Three years ago, at 20 years old, I came out for the first time. 

After spending an entire summer ignoring the desire to be known fully, I finally decided I was going to come out to a few friends of mine in the fall. It was in San Diego on October 25th, 2012, after Macklemore & Ryan Lewis' concert. I remember driving down towards San Diego with one of my best friends in the car, anxiously making small talk while really thinking about what I would say, how would I say it, and how they'd react. Driving turned into waiting in line at the venue, which turned to waiting for the concert to end, to finally heading over to my friends place with three of my best friends. There it was, the moment I've been dreading since my early adolescence, being known.


There’s a lot I don’t remember about what happened next, honestly it seems like a pretty big blur. I don’t remember what I said or how I phrased things, although I know I certainly wasn’t using terminology like “gay” or “coming out” then. I have no idea how long our conversation lasted, and I don’t really remember how it ended.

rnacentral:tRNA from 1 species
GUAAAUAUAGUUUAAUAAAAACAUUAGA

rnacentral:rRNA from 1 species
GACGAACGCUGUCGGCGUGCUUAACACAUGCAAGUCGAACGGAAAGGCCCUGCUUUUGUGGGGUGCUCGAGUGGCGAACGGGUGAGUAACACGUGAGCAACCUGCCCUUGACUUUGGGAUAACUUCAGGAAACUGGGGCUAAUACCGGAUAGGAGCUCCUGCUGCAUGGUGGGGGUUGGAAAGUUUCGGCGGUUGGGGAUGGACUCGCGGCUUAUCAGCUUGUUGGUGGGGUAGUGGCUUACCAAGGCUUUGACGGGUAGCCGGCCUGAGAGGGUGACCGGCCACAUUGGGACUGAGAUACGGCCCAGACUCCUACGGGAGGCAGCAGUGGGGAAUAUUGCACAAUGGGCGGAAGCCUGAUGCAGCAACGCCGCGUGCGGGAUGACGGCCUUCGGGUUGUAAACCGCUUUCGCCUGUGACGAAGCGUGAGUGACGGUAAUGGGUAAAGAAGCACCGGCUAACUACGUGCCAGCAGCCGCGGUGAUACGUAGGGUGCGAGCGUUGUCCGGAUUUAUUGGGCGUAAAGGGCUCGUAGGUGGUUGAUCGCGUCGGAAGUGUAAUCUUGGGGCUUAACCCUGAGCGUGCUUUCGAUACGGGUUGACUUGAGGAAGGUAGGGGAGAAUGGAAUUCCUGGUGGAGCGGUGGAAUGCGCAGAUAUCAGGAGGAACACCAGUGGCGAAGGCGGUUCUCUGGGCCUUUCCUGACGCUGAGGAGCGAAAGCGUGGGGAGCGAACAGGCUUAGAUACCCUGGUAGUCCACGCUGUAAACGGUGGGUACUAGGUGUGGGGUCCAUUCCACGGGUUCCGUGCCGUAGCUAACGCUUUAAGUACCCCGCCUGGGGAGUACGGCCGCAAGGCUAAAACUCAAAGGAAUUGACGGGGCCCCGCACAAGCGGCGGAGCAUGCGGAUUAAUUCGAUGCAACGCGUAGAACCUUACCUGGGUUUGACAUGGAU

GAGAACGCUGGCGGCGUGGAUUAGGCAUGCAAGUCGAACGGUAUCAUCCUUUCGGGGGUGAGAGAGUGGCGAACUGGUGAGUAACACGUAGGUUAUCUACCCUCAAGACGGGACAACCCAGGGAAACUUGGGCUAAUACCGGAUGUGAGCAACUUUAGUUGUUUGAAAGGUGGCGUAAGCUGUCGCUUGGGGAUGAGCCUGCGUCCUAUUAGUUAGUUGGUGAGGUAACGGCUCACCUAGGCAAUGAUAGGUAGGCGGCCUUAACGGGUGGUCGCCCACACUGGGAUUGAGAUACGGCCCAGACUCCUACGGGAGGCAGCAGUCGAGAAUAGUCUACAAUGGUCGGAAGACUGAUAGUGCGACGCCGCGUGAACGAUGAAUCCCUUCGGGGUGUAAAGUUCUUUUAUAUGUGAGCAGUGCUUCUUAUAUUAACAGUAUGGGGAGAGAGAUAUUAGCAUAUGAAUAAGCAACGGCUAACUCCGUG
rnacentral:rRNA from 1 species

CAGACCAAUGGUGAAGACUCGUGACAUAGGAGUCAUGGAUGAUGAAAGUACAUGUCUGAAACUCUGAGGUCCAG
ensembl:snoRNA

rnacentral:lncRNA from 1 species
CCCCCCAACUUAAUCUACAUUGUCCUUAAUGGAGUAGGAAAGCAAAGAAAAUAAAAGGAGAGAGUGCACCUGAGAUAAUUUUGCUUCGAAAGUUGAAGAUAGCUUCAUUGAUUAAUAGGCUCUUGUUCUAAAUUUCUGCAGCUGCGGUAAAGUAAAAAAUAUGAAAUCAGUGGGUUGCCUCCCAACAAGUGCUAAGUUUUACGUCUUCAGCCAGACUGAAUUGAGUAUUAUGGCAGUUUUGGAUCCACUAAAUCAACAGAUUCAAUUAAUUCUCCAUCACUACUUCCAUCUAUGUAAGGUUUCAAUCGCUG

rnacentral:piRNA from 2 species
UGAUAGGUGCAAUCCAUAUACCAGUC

Here’s what I do remember: It felt like the biggest weight was lifted off my shoulders, even though I expected them to respond well. I expressed my fears about how this disclosure would change our relationships, their immediate confident reply was that it did not affect the way they saw me.  They hugged me and thanked me for trusting them, which communicated love and debunked any of my own stereotypes about homophobia among straight men. And that night, when the dust settled, I felt more relief than I’ve ever felt in my life.


Maybe it’s strange that I came out for the first time to Christians after a Macklemore concert. The potential irony of the situation escaped me at the time because, as far as I was concerned, I was just telling some of the safest people I knew. And evidently, I made a good choice.  Over the next few years, as I continued the process of coming out to others, of trying to determine who exactly I was, and of trying to reconcile all of this with my faith. They have remained loyal and I am so grateful for them.

I haven’t found perfect answers for my countless questions about the intersection of faith and sexuality. Nor do I have guaranteed solutions for the endless public conflicts between evangelical Christians, LGBT communities, Republicans, Democrats, middle school bullies, the American Psychological Association, or Macklemore. What I have learned, though, is that I am incapable of walking this journey on my own, and everything started to change when I came out three years ago.